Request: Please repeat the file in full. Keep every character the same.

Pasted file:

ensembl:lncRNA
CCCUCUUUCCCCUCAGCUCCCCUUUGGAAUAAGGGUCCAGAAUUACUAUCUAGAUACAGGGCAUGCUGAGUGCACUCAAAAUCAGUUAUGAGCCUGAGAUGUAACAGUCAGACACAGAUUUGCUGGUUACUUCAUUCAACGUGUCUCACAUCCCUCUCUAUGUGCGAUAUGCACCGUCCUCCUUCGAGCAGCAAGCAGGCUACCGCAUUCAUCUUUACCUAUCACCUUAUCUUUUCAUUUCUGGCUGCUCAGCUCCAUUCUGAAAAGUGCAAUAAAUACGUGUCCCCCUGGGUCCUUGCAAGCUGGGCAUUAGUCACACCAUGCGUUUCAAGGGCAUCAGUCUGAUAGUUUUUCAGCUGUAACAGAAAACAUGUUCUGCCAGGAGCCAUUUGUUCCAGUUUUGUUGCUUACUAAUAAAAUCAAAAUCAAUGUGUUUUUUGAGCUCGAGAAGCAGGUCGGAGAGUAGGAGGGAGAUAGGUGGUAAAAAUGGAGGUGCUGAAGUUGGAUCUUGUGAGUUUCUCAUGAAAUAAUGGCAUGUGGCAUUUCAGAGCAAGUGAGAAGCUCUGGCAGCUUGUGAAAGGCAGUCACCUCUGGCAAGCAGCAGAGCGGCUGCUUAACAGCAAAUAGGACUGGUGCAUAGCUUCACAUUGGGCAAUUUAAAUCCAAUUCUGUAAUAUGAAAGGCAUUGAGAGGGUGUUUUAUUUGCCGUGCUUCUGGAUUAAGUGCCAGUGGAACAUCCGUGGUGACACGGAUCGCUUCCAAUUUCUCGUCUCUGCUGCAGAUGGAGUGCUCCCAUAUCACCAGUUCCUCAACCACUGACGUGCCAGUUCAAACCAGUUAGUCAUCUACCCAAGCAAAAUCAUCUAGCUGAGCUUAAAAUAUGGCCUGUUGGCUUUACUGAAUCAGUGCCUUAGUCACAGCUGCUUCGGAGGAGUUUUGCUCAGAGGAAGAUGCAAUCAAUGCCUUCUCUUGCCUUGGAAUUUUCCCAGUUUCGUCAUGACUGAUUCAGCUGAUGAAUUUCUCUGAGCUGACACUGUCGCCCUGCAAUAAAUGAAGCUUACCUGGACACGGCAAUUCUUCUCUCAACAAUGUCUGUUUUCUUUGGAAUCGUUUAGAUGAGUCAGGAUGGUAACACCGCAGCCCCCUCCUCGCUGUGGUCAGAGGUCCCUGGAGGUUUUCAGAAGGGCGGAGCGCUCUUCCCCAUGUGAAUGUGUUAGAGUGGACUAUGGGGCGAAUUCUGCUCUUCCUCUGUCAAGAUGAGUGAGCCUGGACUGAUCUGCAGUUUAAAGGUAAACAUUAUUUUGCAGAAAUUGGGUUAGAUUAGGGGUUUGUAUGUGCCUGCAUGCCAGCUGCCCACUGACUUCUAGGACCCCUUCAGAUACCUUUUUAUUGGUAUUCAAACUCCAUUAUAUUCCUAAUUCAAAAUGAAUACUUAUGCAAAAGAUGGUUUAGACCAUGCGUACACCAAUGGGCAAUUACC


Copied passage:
ensembl:lncRNA
CCCUCUUUCCCCUCAGCUCCCCUUUGGAAUAAGGGUCCAGAAUUACUAUCUAGAUACAGGGCAUGCUGAGUGCACUCAAAAUCAGUUAUGAGCCUGAGAUGUAACAGUCAGACACAGAUUUGCUGGUUACUUCAUUCAACGUGUCUCACAUCCCUCUCUAUGUGCGAUAUGCACCGUCCUCCUUCGAGCAGCAAGCAGGCUACCGCAUUCAUCUUUACCUAUCACCUUAUCUUUUCAUUUCUGGCUGCUCAGCUCCAUUCUGAAAAGUGCAAUAAAUACGUGUCCCCCUGGGUCCUUGCAAGCUGGGCAUUAGUCACACCAUGCGUUUCAAGGGCAUCAGUCUGAUAGUUUUUCAGCUGUAACAGAAAACAUGUUCUGCCAGGAGCCAUUUGUUCCAGUUUUGUUGCUUACUAAUAAAAUCAAAAUCAAUGUGUUUUUUGAGCUCGAGAAGCAGGUCGGAGAGUAGGAGGGAGAUAGGUGGUAAAAAUGGAGGUGCUGAAGUUGGAUCUUGUGAGUUUCUCAUGAAAUAAUGGCAUGUGGCAUUUCAGAGCAAGUGAGAAGCUCUGGCAGCUUGUGAAAGGCAGUCACCUCUGGCAAGCAGCAGAGCGGCUGCUUAACAGCAAAUAGGACUGGUGCAUAGCUUCACAUUGGGCAAUUUAAAUCCAAUUCUGUAAUAUGAAAGGCAUUGAGAGGGUGUUUUAUUUGCCGUGCUUCUGGAUUAAGUGCCAGUGGAACAUCCGUGGUGACACGGAUCGCUUCCAAUUUCUCGUCUCUGCUGCAGAUGGAGUGCUCCCAUAUCACCAGUUCCUCAACCACUGACGUGCCAGUUCAAACCAGUUAGUCAUCUACCCAAGCAAAAUCAUCUAGCUGAGCUUAAAAUAUGGCCUGUUGGCUUUACUGAAUCAGUGCCUUAGUCACAGCUGCUUCGGAGGAGUUUUGCUCAGAGGAAGAUGCAAUCAAUGCCUUCUCUUGCCUUGGAAUUUUCCCAGUUUCGUCAUGACUGAUUCAGCUGAUGAAUUUCUCUGAGCUGACACUGUCGCCCUGCAAUAAAUGAAGCUUACCUGGACACGGCAAUUCUUCUCUCAACAAUGUCUGUUUUCUUUGGAAUCGUUUAGAUGAGUCAGGAUGGUAACACCGCAGCCCCCUCCUCGCUGUGGUCAGAGGUCCCUGGAGGUUUUCAGAAGGGCGGAGCGCUCUUCCCCAUGUGAAUGUGUUAGAGUGGACUAUGGGGCGAAUUCUGCUCUUCCUCUGUCAAGAUGAGUGAGCCUGGACUGAUCUGCAGUUUAAAGGUAAACAUUAUUUUGCAGAAAUUGGGUUAGAUUAGGGGUUUGUAUGUGCCUGCAUGCCAGCUGCCCACUGACUUCUAGGACCCCUUCAGAUACCUUUUUAUUGGUAUUCAAACUCCAUUAUAUUCCUAAUUCAAAAUGAAUACUUAUGCAAAAGAUGGUUUAGACCAUGCGUACACCAAUGGGCAAUUACC